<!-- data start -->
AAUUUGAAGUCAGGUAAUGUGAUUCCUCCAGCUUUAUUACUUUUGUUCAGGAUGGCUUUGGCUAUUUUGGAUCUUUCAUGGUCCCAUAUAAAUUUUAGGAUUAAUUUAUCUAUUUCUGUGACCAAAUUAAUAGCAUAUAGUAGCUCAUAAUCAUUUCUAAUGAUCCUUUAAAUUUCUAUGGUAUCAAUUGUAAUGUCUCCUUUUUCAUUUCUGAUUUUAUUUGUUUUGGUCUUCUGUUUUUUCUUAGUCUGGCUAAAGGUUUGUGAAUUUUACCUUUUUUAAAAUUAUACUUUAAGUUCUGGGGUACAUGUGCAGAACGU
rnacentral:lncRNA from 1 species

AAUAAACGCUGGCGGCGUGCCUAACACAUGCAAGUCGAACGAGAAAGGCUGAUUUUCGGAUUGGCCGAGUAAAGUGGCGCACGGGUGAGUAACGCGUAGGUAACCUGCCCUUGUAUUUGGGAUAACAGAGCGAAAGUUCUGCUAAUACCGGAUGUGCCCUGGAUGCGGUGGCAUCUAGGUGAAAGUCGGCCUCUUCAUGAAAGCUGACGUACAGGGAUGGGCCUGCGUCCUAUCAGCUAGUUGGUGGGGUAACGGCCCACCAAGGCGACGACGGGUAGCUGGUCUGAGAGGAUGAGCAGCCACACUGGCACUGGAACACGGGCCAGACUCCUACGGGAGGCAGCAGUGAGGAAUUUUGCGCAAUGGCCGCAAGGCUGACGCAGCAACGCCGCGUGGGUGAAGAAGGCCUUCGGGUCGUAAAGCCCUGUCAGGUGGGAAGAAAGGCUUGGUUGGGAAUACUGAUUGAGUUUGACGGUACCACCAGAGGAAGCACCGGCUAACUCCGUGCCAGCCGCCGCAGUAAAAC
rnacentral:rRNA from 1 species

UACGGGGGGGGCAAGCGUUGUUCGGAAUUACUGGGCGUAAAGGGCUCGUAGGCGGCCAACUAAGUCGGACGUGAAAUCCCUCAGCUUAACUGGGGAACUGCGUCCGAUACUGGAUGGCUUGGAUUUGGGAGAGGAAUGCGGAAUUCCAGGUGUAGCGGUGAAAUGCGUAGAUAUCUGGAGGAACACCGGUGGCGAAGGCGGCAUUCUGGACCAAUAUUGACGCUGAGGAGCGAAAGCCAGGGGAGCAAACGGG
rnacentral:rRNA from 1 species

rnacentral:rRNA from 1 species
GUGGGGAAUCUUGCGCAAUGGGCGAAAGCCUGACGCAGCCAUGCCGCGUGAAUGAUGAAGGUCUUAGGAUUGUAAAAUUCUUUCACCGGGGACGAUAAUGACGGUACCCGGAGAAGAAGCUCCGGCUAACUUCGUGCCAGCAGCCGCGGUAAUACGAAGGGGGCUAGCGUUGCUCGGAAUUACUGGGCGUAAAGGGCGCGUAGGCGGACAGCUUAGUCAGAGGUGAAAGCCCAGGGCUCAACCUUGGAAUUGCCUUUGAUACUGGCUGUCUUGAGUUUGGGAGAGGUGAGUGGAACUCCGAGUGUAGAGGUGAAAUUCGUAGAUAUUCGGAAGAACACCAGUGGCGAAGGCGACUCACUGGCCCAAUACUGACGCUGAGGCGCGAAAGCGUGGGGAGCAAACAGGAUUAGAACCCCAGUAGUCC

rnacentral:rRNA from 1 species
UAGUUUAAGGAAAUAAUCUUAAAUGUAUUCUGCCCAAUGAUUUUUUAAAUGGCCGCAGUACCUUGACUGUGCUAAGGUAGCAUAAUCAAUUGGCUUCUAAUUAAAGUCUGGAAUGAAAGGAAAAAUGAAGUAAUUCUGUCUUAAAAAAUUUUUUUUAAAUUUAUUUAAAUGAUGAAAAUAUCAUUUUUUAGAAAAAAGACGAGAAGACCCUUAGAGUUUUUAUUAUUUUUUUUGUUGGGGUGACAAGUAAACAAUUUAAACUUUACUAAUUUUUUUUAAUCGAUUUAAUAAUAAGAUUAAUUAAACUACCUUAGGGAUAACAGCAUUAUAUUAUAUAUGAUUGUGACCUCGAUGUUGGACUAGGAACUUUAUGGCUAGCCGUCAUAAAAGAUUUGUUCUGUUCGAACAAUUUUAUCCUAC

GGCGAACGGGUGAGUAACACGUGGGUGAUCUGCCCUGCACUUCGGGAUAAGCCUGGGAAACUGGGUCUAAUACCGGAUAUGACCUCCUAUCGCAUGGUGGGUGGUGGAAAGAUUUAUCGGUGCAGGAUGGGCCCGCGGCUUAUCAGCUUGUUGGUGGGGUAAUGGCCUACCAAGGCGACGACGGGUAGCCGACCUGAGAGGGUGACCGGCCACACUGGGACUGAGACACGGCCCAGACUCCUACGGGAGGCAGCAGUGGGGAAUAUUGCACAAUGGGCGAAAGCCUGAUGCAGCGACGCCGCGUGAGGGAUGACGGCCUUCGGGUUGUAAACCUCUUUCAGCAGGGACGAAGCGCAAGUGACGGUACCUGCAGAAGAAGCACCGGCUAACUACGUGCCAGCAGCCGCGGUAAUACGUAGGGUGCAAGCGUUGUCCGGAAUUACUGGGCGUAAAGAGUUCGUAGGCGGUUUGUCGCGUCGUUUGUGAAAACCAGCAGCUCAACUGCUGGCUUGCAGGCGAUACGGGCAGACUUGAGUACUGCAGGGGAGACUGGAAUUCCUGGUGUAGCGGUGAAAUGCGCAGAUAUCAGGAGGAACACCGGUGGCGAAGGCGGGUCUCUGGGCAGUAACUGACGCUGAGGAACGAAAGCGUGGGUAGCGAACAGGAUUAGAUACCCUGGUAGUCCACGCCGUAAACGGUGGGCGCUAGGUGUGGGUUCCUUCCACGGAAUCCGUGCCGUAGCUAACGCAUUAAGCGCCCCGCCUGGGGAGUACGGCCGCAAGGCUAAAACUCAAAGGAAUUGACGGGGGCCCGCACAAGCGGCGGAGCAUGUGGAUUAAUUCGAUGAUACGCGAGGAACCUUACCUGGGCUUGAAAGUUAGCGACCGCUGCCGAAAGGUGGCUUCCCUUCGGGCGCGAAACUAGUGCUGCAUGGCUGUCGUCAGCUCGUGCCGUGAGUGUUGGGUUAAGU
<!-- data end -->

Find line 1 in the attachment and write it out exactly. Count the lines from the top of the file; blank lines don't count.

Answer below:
AAUUUGAAGUCAGGUAAUGUGAUUCCUCCAGCUUUAUUACUUUUGUUCAGGAUGGCUUUGGCUAUUUUGGAUCUUUCAUGGUCCCAUAUAAAUUUUAGGAUUAAUUUAUCUAUUUCUGUGACCAAAUUAAUAGCAUAUAGUAGCUCAUAAUCAUUUCUAAUGAUCCUUUAAAUUUCUAUGGUAUCAAUUGUAAUGUCUCCUUUUUCAUUUCUGAUUUUAUUUGUUUUGGUCUUCUGUUUUUUCUUAGUCUGGCUAAAGGUUUGUGAAUUUUACCUUUUUUAAAAUUAUACUUUAAGUUCUGGGGUACAUGUGCAGAACGU